A problem shared….
Government, employers, PRs…a devious lot, one and all.
There is much hand-wringing about the UK’s low recycling rate. Jolly serious politicians use the media to urge ‘householders’ to recycle their rubbish. If ‘we’ all use three different bins, the world will be a cleaner place. Or take last summer when there was a hosepipe ban, and ‘we’ were made to feel ashamed for putting a splash of water on our toothbrush before cleaning our teeth.
Whether it’s that ‘we’ drive our kids to school, fly more often or buy cheap food, ‘we’ – householders, consumers, average Joes – seem to be intent on ruining the world for everyone.
Except, of course, that the problems – and their solutions - don’t actually lie with ‘us’ at all. Poor recycling rates have more to do with government policy and businesses than inconsiderate consumers. And ‘we’ were short of water because it was deemed OK to build millions of houses in one corner of the country without updating the water supply infrastructure and, of course, to allow Thames Water to piss most of it away.
Yet the focus always comes back on how ‘we’ must change our ways. In many cases, of course, ‘we’ quite legitimately must play our part…although the burden of separating your rubbish into three different bins when you live in a small flat in London with no storage space - and the borough has just switched to only collecting rubbish every fortnight - is too much for most of us. Especially when you know that the contents of all three bins end up in the same hole anyway because the council hasn’t got the private sector firms in place to keep their side of the bargain.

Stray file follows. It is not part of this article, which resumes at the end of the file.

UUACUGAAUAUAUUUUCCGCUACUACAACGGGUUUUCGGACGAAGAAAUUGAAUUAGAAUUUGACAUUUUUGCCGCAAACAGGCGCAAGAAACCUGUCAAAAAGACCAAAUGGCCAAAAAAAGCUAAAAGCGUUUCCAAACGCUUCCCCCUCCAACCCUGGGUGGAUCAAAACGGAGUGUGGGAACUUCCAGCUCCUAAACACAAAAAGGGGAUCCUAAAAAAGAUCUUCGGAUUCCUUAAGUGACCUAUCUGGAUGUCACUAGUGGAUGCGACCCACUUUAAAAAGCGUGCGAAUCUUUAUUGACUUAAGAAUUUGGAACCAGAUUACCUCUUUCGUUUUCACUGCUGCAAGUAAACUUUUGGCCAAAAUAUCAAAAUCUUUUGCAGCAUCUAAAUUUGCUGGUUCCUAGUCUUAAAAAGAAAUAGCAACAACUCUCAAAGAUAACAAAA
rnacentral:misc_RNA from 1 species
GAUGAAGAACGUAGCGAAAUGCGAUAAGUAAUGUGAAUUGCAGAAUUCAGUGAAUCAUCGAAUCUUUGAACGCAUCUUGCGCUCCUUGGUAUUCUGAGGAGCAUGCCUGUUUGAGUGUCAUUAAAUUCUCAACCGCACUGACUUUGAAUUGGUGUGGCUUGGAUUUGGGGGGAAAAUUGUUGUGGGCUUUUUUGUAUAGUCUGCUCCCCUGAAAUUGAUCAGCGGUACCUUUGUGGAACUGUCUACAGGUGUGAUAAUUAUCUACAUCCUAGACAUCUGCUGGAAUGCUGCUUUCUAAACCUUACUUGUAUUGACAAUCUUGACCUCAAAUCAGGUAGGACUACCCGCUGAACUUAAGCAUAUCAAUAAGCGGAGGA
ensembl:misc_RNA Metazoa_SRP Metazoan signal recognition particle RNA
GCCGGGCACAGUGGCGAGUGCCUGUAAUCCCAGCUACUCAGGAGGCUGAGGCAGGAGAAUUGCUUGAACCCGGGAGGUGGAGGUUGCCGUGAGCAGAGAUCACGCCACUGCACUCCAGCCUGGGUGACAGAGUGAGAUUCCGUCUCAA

The jolly serious politicians know this of course. They don’t actually think, or probably even care, what ‘we’ do. But by reminding us that ‘we’ could be doing more, they share – or at least shift - the problem. It’s harder to not vote for a government because it’s weak on the environment if it’s just pointed out that you’re a bit crap too.
Which is also a favourite tactic for employers, of course. The AD just buggered up the account? The AM wasn’t managing upwards effectively. Having to stay in work until 8pm every night to get through your excessive workload? Poor time management skills. Client doesn’t appreciate all your work? You’re not selling the results back to them well enough. A grain of truth in all of those, but the greater responsibility lies elsewhere. Yet shifting the issue quells the complaint.
When ‘my’ business is going down the toilet (because ‘I’m’ spending all the money on fast cars, a flash house, sharp suits, lap dancers and a coke habit), ‘we’ must all work harder.
Despicable PR tactic? Not me guv, it’s an industry issue…